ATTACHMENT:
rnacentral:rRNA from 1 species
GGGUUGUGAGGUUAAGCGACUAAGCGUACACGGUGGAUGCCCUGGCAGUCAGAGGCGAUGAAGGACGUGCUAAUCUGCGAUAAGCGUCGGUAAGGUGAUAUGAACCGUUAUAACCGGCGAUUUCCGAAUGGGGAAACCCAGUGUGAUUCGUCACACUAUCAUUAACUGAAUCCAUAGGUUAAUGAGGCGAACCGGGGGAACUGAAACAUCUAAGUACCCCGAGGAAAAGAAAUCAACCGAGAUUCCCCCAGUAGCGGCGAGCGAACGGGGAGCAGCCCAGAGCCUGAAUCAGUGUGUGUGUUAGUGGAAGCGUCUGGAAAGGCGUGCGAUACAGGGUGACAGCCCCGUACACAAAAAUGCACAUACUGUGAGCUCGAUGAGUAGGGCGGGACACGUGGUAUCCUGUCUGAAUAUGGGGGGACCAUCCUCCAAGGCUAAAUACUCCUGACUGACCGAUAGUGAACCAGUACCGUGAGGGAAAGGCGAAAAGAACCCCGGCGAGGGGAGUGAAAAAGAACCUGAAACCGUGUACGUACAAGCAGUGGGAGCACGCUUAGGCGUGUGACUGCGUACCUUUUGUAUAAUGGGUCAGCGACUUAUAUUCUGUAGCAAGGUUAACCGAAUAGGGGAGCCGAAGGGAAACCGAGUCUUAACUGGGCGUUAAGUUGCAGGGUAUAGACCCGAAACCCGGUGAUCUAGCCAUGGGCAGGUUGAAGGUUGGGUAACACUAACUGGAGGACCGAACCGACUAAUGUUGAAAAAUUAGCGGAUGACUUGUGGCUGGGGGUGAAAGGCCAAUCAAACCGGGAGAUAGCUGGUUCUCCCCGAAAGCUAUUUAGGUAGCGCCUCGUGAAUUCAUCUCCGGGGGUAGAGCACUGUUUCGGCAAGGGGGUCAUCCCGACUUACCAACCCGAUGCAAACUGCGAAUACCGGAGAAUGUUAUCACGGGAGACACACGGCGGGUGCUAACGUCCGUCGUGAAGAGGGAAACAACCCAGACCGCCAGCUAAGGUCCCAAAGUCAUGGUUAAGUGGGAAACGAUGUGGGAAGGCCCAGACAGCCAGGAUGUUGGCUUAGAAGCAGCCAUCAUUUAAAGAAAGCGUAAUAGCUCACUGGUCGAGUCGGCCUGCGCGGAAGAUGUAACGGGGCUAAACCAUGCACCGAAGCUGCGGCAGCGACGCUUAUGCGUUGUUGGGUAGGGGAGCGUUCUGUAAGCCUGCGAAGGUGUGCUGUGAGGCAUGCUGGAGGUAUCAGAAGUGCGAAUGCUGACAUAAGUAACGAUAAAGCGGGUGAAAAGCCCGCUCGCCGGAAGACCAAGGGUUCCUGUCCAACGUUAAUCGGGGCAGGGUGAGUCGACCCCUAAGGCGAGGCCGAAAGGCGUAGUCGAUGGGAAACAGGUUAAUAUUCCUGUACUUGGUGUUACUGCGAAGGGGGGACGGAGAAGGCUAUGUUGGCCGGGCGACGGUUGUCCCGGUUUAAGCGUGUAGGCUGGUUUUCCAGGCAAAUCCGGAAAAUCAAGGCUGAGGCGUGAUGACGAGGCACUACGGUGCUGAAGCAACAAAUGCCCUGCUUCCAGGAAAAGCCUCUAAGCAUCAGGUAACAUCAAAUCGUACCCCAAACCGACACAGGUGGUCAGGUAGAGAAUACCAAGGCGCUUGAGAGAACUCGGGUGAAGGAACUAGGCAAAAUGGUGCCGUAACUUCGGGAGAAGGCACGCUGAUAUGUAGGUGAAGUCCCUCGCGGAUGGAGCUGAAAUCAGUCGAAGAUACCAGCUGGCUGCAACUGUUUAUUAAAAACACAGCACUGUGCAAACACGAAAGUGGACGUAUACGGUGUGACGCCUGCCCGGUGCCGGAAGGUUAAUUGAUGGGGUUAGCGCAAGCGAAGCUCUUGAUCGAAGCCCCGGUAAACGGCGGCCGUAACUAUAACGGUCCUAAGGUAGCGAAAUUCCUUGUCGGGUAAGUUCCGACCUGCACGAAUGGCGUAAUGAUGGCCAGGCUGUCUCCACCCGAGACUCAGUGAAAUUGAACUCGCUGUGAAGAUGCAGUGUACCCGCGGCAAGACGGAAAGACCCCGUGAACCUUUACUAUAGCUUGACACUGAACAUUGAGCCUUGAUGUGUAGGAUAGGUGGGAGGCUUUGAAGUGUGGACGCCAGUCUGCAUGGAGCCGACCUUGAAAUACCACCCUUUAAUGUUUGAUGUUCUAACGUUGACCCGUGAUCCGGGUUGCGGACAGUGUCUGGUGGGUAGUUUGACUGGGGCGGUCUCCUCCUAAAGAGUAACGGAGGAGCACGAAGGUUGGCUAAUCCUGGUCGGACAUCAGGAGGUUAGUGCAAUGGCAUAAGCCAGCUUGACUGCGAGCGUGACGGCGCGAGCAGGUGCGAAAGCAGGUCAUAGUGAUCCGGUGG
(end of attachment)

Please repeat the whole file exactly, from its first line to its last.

rnacentral:rRNA from 1 species
GGGUUGUGAGGUUAAGCGACUAAGCGUACACGGUGGAUGCCCUGGCAGUCAGAGGCGAUGAAGGACGUGCUAAUCUGCGAUAAGCGUCGGUAAGGUGAUAUGAACCGUUAUAACCGGCGAUUUCCGAAUGGGGAAACCCAGUGUGAUUCGUCACACUAUCAUUAACUGAAUCCAUAGGUUAAUGAGGCGAACCGGGGGAACUGAAACAUCUAAGUACCCCGAGGAAAAGAAAUCAACCGAGAUUCCCCCAGUAGCGGCGAGCGAACGGGGAGCAGCCCAGAGCCUGAAUCAGUGUGUGUGUUAGUGGAAGCGUCUGGAAAGGCGUGCGAUACAGGGUGACAGCCCCGUACACAAAAAUGCACAUACUGUGAGCUCGAUGAGUAGGGCGGGACACGUGGUAUCCUGUCUGAAUAUGGGGGGACCAUCCUCCAAGGCUAAAUACUCCUGACUGACCGAUAGUGAACCAGUACCGUGAGGGAAAGGCGAAAAGAACCCCGGCGAGGGGAGUGAAAAAGAACCUGAAACCGUGUACGUACAAGCAGUGGGAGCACGCUUAGGCGUGUGACUGCGUACCUUUUGUAUAAUGGGUCAGCGACUUAUAUUCUGUAGCAAGGUUAACCGAAUAGGGGAGCCGAAGGGAAACCGAGUCUUAACUGGGCGUUAAGUUGCAGGGUAUAGACCCGAAACCCGGUGAUCUAGCCAUGGGCAGGUUGAAGGUUGGGUAACACUAACUGGAGGACCGAACCGACUAAUGUUGAAAAAUUAGCGGAUGACUUGUGGCUGGGGGUGAAAGGCCAAUCAAACCGGGAGAUAGCUGGUUCUCCCCGAAAGCUAUUUAGGUAGCGCCUCGUGAAUUCAUCUCCGGGGGUAGAGCACUGUUUCGGCAAGGGGGUCAUCCCGACUUACCAACCCGAUGCAAACUGCGAAUACCGGAGAAUGUUAUCACGGGAGACACACGGCGGGUGCUAACGUCCGUCGUGAAGAGGGAAACAACCCAGACCGCCAGCUAAGGUCCCAAAGUCAUGGUUAAGUGGGAAACGAUGUGGGAAGGCCCAGACAGCCAGGAUGUUGGCUUAGAAGCAGCCAUCAUUUAAAGAAAGCGUAAUAGCUCACUGGUCGAGUCGGCCUGCGCGGAAGAUGUAACGGGGCUAAACCAUGCACCGAAGCUGCGGCAGCGACGCUUAUGCGUUGUUGGGUAGGGGAGCGUUCUGUAAGCCUGCGAAGGUGUGCUGUGAGGCAUGCUGGAGGUAUCAGAAGUGCGAAUGCUGACAUAAGUAACGAUAAAGCGGGUGAAAAGCCCGCUCGCCGGAAGACCAAGGGUUCCUGUCCAACGUUAAUCGGGGCAGGGUGAGUCGACCCCUAAGGCGAGGCCGAAAGGCGUAGUCGAUGGGAAACAGGUUAAUAUUCCUGUACUUGGUGUUACUGCGAAGGGGGGACGGAGAAGGCUAUGUUGGCCGGGCGACGGUUGUCCCGGUUUAAGCGUGUAGGCUGGUUUUCCAGGCAAAUCCGGAAAAUCAAGGCUGAGGCGUGAUGACGAGGCACUACGGUGCUGAAGCAACAAAUGCCCUGCUUCCAGGAAAAGCCUCUAAGCAUCAGGUAACAUCAAAUCGUACCCCAAACCGACACAGGUGGUCAGGUAGAGAAUACCAAGGCGCUUGAGAGAACUCGGGUGAAGGAACUAGGCAAAAUGGUGCCGUAACUUCGGGAGAAGGCACGCUGAUAUGUAGGUGAAGUCCCUCGCGGAUGGAGCUGAAAUCAGUCGAAGAUACCAGCUGGCUGCAACUGUUUAUUAAAAACACAGCACUGUGCAAACACGAAAGUGGACGUAUACGGUGUGACGCCUGCCCGGUGCCGGAAGGUUAAUUGAUGGGGUUAGCGCAAGCGAAGCUCUUGAUCGAAGCCCCGGUAAACGGCGGCCGUAACUAUAACGGUCCUAAGGUAGCGAAAUUCCUUGUCGGGUAAGUUCCGACCUGCACGAAUGGCGUAAUGAUGGCCAGGCUGUCUCCACCCGAGACUCAGUGAAAUUGAACUCGCUGUGAAGAUGCAGUGUACCCGCGGCAAGACGGAAAGACCCCGUGAACCUUUACUAUAGCUUGACACUGAACAUUGAGCCUUGAUGUGUAGGAUAGGUGGGAGGCUUUGAAGUGUGGACGCCAGUCUGCAUGGAGCCGACCUUGAAAUACCACCCUUUAAUGUUUGAUGUUCUAACGUUGACCCGUGAUCCGGGUUGCGGACAGUGUCUGGUGGGUAGUUUGACUGGGGCGGUCUCCUCCUAAAGAGUAACGGAGGAGCACGAAGGUUGGCUAAUCCUGGUCGGACAUCAGGAGGUUAGUGCAAUGGCAUAAGCCAGCUUGACUGCGAGCGUGACGGCGCGAGCAGGUGCGAAAGCAGGUCAUAGUGAUCCGGUGG